Explaining the United States

“I was reading your first post and found it very interesting, but I don’t know much about the US Government, could you do a post about it please?”


“It matters enormously to a successful democratic society like ours that we have three branches of government, each with some independence and some control over the other two. That’s set out in the Constitution.”

Sandra Day O’Connor

Today’s post comes from someone who contacted me asking me to explain the United States government in more detail after they had read my post examining the current case at the UK Supreme Court. This post won’t be an extremely in depth post, it will be an overview. If there is a wish for a more in depth look at the three branches I will write follow up posts on the three.

The United States is ultimately governed by their supreme law, the constitution, there it sets out how the federal government of the United States works and the powers they shall have. The framers of the constitution decided to spilt the power between three co-equal branches of government the President (Executive), Congress (Legislature) and Supreme Court (Judiciary). Each branch designed to fiercely guard the power it had while equally keeping the other two in line, it is important to understand the framers feared tyranny so did all that they could to prevent a single person holding it all.

Established in article 1 of the constitution, Congress’ role is to make laws. Representatives from the states to meet and to approve or deny new laws for the whole country. Congress can be broken down into two, first the House of Representatives and second the Senate. The House of Representatives is made of 435 members (+3 shadow members from Washington DC) and each state has its number of representatives determined by its population, the smallest state only having 1 and the largest California having 53. The House has the ultimate responsibility for the budget among other powers. The Senate is the upper house with each state being given two Senators making 100 Senators in total, the Senate has the responsibility for ratifying all treaties and executive appointments.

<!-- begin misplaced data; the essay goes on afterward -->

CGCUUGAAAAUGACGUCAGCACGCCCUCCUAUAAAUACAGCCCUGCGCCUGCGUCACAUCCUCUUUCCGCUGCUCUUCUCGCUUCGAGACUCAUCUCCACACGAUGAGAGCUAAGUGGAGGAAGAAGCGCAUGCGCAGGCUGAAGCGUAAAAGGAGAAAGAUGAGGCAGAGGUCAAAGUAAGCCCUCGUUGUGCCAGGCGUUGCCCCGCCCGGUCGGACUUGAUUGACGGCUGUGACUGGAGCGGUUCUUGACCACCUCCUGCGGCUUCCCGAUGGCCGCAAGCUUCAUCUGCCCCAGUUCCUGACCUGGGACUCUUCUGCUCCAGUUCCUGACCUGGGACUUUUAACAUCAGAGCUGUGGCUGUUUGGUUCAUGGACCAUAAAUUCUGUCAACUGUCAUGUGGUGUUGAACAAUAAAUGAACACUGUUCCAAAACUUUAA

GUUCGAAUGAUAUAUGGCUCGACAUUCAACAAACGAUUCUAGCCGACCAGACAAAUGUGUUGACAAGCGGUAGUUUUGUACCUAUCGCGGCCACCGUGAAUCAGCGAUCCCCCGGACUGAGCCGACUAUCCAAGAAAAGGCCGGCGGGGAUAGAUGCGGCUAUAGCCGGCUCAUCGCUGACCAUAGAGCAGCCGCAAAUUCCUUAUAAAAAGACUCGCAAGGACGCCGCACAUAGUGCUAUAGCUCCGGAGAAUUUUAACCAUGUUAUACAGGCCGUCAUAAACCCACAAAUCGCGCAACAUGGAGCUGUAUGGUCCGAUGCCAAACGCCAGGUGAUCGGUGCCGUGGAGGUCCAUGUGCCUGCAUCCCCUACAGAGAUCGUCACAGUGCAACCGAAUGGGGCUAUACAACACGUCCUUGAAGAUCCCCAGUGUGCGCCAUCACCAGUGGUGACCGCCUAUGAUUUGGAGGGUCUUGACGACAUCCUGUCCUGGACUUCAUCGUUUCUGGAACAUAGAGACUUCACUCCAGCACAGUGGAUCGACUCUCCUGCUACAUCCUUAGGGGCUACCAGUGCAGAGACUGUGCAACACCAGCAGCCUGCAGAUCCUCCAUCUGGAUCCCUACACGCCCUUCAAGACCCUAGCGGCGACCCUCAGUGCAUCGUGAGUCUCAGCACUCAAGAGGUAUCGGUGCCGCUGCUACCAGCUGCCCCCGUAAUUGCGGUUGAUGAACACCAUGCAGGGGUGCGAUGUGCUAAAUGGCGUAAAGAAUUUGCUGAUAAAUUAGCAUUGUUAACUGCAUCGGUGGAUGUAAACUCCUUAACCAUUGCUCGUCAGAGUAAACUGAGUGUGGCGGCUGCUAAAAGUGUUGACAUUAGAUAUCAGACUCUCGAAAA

Established in article 2 is the executive, better known as the President is charged with the responsibility of enacting all laws passed by Congress. In addition to this the President is the Commander in Chief of all the United States’ military. This means that the President’s powers are considerable when it comes to foreign policy but limited by Congress with domestic powers. After the passing of the 22nd amendment the President is limited to a maximum of two terms in office. (There are some exceptions but that requires in depth discussion of the 22nd amendment.)

The final branch of government established in article 3 is the Supreme Court. Ultimately a body established to be the highest court in the land, it was the weakest branch of government (some believe it still is), until it in Marbury vs Madison (1803) it granted itself the power of judicial review, better known as the power to declare something unconstitutional. Whenever the executive and the legislature end up in conflict, it will fall upon the Supreme Court to sort it out, a classic example of a case being United States vs Richard Nixon (1974).

This is a quick run down of the three branches of government and an overview of their powers. If you wish for me to go into any further detail on anything I have covered in this post please get in touch.

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